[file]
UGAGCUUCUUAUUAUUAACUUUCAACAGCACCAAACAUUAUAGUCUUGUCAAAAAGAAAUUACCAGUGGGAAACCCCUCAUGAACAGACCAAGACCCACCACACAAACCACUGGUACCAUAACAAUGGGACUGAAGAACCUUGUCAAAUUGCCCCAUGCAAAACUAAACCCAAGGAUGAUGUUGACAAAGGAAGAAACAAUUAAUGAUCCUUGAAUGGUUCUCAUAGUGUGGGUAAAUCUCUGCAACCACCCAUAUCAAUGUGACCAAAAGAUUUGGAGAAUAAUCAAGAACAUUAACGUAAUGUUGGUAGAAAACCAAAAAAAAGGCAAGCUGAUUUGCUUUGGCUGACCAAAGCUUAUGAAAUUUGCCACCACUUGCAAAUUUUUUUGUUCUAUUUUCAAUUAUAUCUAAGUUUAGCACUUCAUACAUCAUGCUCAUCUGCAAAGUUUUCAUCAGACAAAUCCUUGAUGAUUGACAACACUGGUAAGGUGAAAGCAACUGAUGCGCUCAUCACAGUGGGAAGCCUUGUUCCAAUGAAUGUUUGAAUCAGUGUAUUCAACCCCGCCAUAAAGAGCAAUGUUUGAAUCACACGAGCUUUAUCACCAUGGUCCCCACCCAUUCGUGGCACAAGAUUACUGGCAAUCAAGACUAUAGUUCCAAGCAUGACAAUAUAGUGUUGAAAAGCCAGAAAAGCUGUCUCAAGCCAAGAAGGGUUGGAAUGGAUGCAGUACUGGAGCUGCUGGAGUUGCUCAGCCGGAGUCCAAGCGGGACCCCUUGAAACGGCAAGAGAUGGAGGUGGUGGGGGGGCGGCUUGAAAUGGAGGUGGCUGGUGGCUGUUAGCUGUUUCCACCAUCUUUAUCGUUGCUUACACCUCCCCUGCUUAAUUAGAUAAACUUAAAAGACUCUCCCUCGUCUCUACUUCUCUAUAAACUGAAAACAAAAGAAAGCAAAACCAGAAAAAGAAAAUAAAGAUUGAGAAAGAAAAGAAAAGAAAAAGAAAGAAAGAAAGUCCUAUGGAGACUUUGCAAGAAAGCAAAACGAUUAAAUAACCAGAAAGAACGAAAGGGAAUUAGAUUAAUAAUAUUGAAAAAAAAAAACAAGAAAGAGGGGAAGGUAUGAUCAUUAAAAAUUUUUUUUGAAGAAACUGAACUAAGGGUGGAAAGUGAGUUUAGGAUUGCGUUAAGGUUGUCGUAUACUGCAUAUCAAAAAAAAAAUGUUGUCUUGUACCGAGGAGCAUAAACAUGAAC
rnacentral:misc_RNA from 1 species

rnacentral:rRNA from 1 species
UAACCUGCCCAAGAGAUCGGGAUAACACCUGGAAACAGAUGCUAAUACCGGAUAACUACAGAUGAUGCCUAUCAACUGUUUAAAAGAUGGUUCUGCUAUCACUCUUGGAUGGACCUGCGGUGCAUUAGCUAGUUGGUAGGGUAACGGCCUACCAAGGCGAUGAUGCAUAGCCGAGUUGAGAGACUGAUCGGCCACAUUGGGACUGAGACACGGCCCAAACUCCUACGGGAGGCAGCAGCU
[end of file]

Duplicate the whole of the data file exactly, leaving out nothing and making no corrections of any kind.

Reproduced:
UGAGCUUCUUAUUAUUAACUUUCAACAGCACCAAACAUUAUAGUCUUGUCAAAAAGAAAUUACCAGUGGGAAACCCCUCAUGAACAGACCAAGACCCACCACACAAACCACUGGUACCAUAACAAUGGGACUGAAGAACCUUGUCAAAUUGCCCCAUGCAAAACUAAACCCAAGGAUGAUGUUGACAAAGGAAGAAACAAUUAAUGAUCCUUGAAUGGUUCUCAUAGUGUGGGUAAAUCUCUGCAACCACCCAUAUCAAUGUGACCAAAAGAUUUGGAGAAUAAUCAAGAACAUUAACGUAAUGUUGGUAGAAAACCAAAAAAAAGGCAAGCUGAUUUGCUUUGGCUGACCAAAGCUUAUGAAAUUUGCCACCACUUGCAAAUUUUUUUGUUCUAUUUUCAAUUAUAUCUAAGUUUAGCACUUCAUACAUCAUGCUCAUCUGCAAAGUUUUCAUCAGACAAAUCCUUGAUGAUUGACAACACUGGUAAGGUGAAAGCAACUGAUGCGCUCAUCACAGUGGGAAGCCUUGUUCCAAUGAAUGUUUGAAUCAGUGUAUUCAACCCCGCCAUAAAGAGCAAUGUUUGAAUCACACGAGCUUUAUCACCAUGGUCCCCACCCAUUCGUGGCACAAGAUUACUGGCAAUCAAGACUAUAGUUCCAAGCAUGACAAUAUAGUGUUGAAAAGCCAGAAAAGCUGUCUCAAGCCAAGAAGGGUUGGAAUGGAUGCAGUACUGGAGCUGCUGGAGUUGCUCAGCCGGAGUCCAAGCGGGACCCCUUGAAACGGCAAGAGAUGGAGGUGGUGGGGGGGCGGCUUGAAAUGGAGGUGGCUGGUGGCUGUUAGCUGUUUCCACCAUCUUUAUCGUUGCUUACACCUCCCCUGCUUAAUUAGAUAAACUUAAAAGACUCUCCCUCGUCUCUACUUCUCUAUAAACUGAAAACAAAAGAAAGCAAAACCAGAAAAAGAAAAUAAAGAUUGAGAAAGAAAAGAAAAGAAAAAGAAAGAAAGAAAGUCCUAUGGAGACUUUGCAAGAAAGCAAAACGAUUAAAUAACCAGAAAGAACGAAAGGGAAUUAGAUUAAUAAUAUUGAAAAAAAAAAACAAGAAAGAGGGGAAGGUAUGAUCAUUAAAAAUUUUUUUUGAAGAAACUGAACUAAGGGUGGAAAGUGAGUUUAGGAUUGCGUUAAGGUUGUCGUAUACUGCAUAUCAAAAAAAAAAUGUUGUCUUGUACCGAGGAGCAUAAACAUGAAC
rnacentral:misc_RNA from 1 species

rnacentral:rRNA from 1 species
UAACCUGCCCAAGAGAUCGGGAUAACACCUGGAAACAGAUGCUAAUACCGGAUAACUACAGAUGAUGCCUAUCAACUGUUUAAAAGAUGGUUCUGCUAUCACUCUUGGAUGGACCUGCGGUGCAUUAGCUAGUUGGUAGGGUAACGGCCUACCAAGGCGAUGAUGCAUAGCCGAGUUGAGAGACUGAUCGGCCACAUUGGGACUGAGACACGGCCCAAACUCCUACGGGAGGCAGCAGCU